The Ghost Goes West (1935)This British production is probably the least well-known entry in this list, but it's absolutely worth tracking down. It has a number of plot points in common with the later picture, The Canterville Ghost (1944), but in this story the haunted castle gets moved to the United States by a wealthy American businessman (Eugene Pallette), and the ghost (Robert Donat) is forced to come along. Donat plays a double role here as both the ghost and his modern day descendant, which is handy for leading lady Jean Parker. More romantic comedy than ghost story, this is such fun that it deserves to be seen by more people, which is why I include it here. It also features the marvelous Elsa Lanchester in a supporting role.
I Married a Witch (1942)
Veronica Lake stars as Jennifer, the witch in question in this hilarious screwball comedy with a supernatural twist, and Fredric March is the cursed descendant of the man who burned her and her father (Cecil Kellaway) at the stake many centuries ago. When their spirits awaken from a long slumber, Jennifer and her dad intend to resume their persecution of the stuffy, wealthy Wooley family, but love upsets the plans for revenge. Fun special effects, a wicked sense of humor, and a fantastic cast make this a perfect pick for the season.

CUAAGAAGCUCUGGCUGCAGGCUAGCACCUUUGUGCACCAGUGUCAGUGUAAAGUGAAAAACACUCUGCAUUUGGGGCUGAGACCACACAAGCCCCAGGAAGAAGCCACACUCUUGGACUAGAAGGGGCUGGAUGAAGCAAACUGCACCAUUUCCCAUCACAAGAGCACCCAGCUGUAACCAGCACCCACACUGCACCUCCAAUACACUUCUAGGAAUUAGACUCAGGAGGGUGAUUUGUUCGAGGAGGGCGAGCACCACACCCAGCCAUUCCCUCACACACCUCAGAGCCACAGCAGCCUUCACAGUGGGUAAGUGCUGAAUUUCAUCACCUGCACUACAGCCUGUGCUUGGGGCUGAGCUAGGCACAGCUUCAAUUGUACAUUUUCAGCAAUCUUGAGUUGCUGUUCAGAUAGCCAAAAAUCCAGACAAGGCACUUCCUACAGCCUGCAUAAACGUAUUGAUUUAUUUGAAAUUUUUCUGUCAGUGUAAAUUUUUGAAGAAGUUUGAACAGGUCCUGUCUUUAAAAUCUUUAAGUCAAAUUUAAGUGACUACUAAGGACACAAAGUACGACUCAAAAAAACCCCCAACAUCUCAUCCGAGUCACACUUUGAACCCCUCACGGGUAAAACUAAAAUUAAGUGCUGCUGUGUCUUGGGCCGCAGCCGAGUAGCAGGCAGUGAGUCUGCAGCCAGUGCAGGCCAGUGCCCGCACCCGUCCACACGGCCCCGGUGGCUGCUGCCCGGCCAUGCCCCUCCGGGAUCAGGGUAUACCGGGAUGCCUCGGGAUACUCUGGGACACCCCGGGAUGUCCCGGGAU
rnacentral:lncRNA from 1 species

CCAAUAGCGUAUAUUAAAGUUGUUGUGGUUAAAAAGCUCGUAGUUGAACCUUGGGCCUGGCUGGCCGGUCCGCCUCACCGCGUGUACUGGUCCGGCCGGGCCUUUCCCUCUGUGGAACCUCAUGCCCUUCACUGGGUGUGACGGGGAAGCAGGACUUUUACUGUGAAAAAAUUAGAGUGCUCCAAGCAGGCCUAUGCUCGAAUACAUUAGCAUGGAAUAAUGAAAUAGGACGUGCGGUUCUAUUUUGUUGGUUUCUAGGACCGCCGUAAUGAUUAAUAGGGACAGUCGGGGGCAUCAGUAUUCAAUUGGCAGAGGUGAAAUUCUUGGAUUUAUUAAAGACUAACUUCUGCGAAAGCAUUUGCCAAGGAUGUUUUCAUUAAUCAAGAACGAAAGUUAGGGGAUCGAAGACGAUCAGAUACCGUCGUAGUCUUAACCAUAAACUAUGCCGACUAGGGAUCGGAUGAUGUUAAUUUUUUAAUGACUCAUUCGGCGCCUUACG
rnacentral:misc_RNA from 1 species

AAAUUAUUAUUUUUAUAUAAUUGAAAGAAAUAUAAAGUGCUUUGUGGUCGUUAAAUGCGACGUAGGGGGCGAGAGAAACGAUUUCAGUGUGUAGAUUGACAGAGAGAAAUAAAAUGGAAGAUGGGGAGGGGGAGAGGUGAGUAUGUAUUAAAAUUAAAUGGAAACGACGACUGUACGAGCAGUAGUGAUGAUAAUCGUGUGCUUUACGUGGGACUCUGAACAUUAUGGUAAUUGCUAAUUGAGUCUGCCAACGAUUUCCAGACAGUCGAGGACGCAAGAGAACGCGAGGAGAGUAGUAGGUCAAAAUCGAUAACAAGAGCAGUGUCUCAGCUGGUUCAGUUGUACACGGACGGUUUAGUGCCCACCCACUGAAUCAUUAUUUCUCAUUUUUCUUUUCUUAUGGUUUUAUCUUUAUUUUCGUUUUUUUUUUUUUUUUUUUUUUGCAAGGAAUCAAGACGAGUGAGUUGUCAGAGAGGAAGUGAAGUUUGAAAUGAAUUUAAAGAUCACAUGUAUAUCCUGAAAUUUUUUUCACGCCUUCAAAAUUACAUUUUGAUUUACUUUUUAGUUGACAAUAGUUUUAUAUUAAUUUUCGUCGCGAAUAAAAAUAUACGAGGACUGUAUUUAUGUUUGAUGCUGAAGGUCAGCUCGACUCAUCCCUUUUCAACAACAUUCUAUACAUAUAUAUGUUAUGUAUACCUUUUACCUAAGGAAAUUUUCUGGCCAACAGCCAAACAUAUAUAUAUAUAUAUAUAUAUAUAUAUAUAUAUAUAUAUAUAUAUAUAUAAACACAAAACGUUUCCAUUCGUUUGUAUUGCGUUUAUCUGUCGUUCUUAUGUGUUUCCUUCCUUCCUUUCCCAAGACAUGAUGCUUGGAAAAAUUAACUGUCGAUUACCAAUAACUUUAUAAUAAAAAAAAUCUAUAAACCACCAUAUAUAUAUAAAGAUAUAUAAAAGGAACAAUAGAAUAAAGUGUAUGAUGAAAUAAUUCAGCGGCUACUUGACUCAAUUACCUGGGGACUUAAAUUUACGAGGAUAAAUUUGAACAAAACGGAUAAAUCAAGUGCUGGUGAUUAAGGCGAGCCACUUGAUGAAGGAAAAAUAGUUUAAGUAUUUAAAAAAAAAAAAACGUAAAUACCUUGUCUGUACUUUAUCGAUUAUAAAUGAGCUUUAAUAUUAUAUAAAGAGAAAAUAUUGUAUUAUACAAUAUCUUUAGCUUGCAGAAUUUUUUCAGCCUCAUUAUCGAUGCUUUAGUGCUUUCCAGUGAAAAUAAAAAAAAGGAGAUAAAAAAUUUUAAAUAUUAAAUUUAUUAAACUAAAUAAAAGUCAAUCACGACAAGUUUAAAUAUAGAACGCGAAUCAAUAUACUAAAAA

Cary Grant might not have liked his work in this adaptation of the darkly hilarious stage play, but audiences loved him and it so much that it has been a perennial favorite for decades. Frank Capra directs a pitch perfect cast, many of them reprising their roles from the stage production, and Jean Adair and Josephine Hull run away with every scene as the dotty old aunts whose "charity work" involves poisoning elderly men. Although there's nothing supernatural about the characters, the story takes place on Halloween and costars horror regular Peter Lorre; Raymond Massey plays the murderous brother whose role in the original play had been filled by Boris Karloff, but Karloff wasn't able to to reprise the role in this film.
The Canterville Ghost (1944)
Loosely adapted from the story by Oscar Wilde, this is a ghostly comedy with lots of laughs and a surprisingly sweet heart, thanks to charming performances by Charles Laughton, Robert Young, and Margaret O'Brien. Laughton stars as the ghost, Sir Simon, who hopes to break the curse of his long, lonely existence by demonstrating the courage that eluded him in life. When a group of American soldiers are stationed at the Canterville family castle during World War II, Sir Simon meets Cully (Young), who might be able to help him. O'Brien's role as a central character and the themes of courage and friendship make this movie a great choice for younger viewers.
Abbott and Costello Meet Frankenstein (1948)
Universal was happy to transform its iconic monsters into comedy stars for this wonderful installment in the Abbott and Costello series of pictures, in which the duo play Chick (Bud Abbott) and Wilbur (Lou Costello), two hapless freight handlers who unwittingly get tangled up with Dracula (Bela Lugosi), the Wolf Man (Lon Chaney Jr.), and Frankenstein's monster (Glenn Strange). Hilarious antics ensue as the monsters scheme to remove Wilbur's brain and use it to restore Frankenstein's creature. Even if kids haven't seen the original Universal movies starring these characters, they'll recognize the monsters and get a kick out of this delightful film, but it's a must-see for classic horror fans of all ages.